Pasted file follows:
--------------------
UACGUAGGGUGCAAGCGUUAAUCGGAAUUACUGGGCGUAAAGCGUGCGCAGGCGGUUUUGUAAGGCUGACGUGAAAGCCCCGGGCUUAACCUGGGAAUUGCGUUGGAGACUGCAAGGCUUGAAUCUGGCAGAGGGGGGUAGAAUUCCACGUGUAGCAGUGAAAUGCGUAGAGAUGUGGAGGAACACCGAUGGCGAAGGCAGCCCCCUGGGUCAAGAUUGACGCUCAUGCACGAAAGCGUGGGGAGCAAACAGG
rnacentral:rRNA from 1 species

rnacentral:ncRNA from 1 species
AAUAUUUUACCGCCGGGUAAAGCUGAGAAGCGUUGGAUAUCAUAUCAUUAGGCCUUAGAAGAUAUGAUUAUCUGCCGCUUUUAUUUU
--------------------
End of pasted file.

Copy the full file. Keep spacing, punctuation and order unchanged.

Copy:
UACGUAGGGUGCAAGCGUUAAUCGGAAUUACUGGGCGUAAAGCGUGCGCAGGCGGUUUUGUAAGGCUGACGUGAAAGCCCCGGGCUUAACCUGGGAAUUGCGUUGGAGACUGCAAGGCUUGAAUCUGGCAGAGGGGGGUAGAAUUCCACGUGUAGCAGUGAAAUGCGUAGAGAUGUGGAGGAACACCGAUGGCGAAGGCAGCCCCCUGGGUCAAGAUUGACGCUCAUGCACGAAAGCGUGGGGAGCAAACAGG
rnacentral:rRNA from 1 species

rnacentral:ncRNA from 1 species
AAUAUUUUACCGCCGGGUAAAGCUGAGAAGCGUUGGAUAUCAUAUCAUUAGGCCUUAGAAGAUAUGAUUAUCUGCCGCUUUUAUUUU